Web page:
In the 1950s, researchers first observed phonon drag, a thermoelectric effect that occurs as electrons move past atoms in a solid. Physicists predicted an analogous phenomenon in magnetic materials, but aside from indirect indications of its existence, magnon drag has been elusive. Until now.
A technique that lets researchers monitor single cancer cells in real time as they float in liquid could help doctors study the breakaway tumor cells that cause cancer growth, or metastasis. The approach uses magnets to rotate cancer cells in a way that lets their spinning speed reveal their shape and status.
A little piece of iron wire is magnetic—just like a huge iron rod. When it comes to material properties, size usually does not matter. Surprisingly, researchers from Austria and India have now discovered that some materials show very unusual behavior, when they are studied in the form of tiny crystals. This could now lead to new materials with tailor-made electronic and magnetic properties.
Reliable use of magnetic materials in manufacturing and R&D requires exact information of magnetic field distribution. German software firm Matesy has developed a new visualization and measurement system called CMOS-MagView that it has used to help develop a new type of magneto-optical sensor.
Conventional cantilevers used in magnetic-force microscopes have been compromised either by a low resistance to magnetizing force from the sample material, or by lack of resolution due to coatings that protect them from magnetism. A new composite developed in China avoids both drawbacks.
When doping a disordered magnetic insulator material with atoms of a nonmagnetic material, the conventional wisdom is that the magnetic interactions between the magnetic ions in the material will be weakened. However, when the antiferromagnetic insulator barium manganate was doped, the barium manganate's magnetic excitations were surprisingly unreduced in strength and energy.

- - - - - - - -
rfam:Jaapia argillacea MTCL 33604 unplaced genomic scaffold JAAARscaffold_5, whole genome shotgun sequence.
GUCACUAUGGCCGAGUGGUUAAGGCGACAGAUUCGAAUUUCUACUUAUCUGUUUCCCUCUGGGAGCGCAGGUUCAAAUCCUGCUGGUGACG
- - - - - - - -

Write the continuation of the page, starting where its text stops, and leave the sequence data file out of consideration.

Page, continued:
An advanced material that could help bring about next-generation "spintronic" computers has revealed one of its fundamental secrets to a team of scientists from Argonne National Laboratory and NIST.
The United States Department of Energy (DOE) announced a $3 million grant to Argonne National Laboratory to further research in developing better, cheaper, and lighter magnets.
Conductors like copper heat up, limiting circuit densities. Materials that exhibit the quantum spin Hall effect offer flow without the need for heat dissipation, but they are hindered by magnetic imperfections. Researchers at RIKEN in Japan believe they’ve solved this problem.
Scientists at the University of Massachusetts Amherst report that for the first time they have designed a much simpler method of preparing ordered magnetic materials than ever before, by coupling magnetic properties to nanostructure formation at low temperatures.
Spanish researchers have designed what they believe to be a new type of magnetic cloak, which shields objects from external magnetic fields, while at the same time preventing any magnetic internal fields from leaking outside, making the cloak undetectable.
Used in Hollywood and the advertising industry to create exotic special effects, ferrofluids are seemingly magical materials that are both liquid and magnetic at once. In a study, a team from Yale University, with colleagues from the University of Georgia and Massachusetts Institute of Technology, demonstrated for the first time an approach that allows ferrofluids to be pumped by magnetic fields alone.
Neutron scattering studies of "cobalt blue," a compound prized by artists for its lustrous blue hue, are revealing unique magnetic characteristics that could answer questions about mysterious properties in other materials.